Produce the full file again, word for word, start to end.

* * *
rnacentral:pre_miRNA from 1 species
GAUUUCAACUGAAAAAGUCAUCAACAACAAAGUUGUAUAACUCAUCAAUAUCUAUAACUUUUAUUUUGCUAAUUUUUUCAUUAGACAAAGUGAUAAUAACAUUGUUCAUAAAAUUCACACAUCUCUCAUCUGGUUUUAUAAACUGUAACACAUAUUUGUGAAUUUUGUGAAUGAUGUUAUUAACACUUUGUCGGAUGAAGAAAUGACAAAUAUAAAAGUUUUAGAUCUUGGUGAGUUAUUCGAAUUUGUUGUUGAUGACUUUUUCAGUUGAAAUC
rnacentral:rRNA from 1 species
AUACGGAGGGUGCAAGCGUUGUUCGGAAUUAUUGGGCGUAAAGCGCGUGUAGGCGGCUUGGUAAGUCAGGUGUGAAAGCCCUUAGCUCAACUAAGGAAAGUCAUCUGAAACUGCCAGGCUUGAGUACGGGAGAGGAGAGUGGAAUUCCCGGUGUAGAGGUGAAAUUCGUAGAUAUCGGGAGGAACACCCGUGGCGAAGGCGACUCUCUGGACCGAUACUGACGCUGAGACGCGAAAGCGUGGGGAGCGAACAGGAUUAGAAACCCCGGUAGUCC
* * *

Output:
rnacentral:pre_miRNA from 1 species
GAUUUCAACUGAAAAAGUCAUCAACAACAAAGUUGUAUAACUCAUCAAUAUCUAUAACUUUUAUUUUGCUAAUUUUUUCAUUAGACAAAGUGAUAAUAACAUUGUUCAUAAAAUUCACACAUCUCUCAUCUGGUUUUAUAAACUGUAACACAUAUUUGUGAAUUUUGUGAAUGAUGUUAUUAACACUUUGUCGGAUGAAGAAAUGACAAAUAUAAAAGUUUUAGAUCUUGGUGAGUUAUUCGAAUUUGUUGUUGAUGACUUUUUCAGUUGAAAUC
rnacentral:rRNA from 1 species
AUACGGAGGGUGCAAGCGUUGUUCGGAAUUAUUGGGCGUAAAGCGCGUGUAGGCGGCUUGGUAAGUCAGGUGUGAAAGCCCUUAGCUCAACUAAGGAAAGUCAUCUGAAACUGCCAGGCUUGAGUACGGGAGAGGAGAGUGGAAUUCCCGGUGUAGAGGUGAAAUUCGUAGAUAUCGGGAGGAACACCCGUGGCGAAGGCGACUCUCUGGACCGAUACUGACGCUGAGACGCGAAAGCGUGGGGAGCGAACAGGAUUAGAAACCCCGGUAGUCC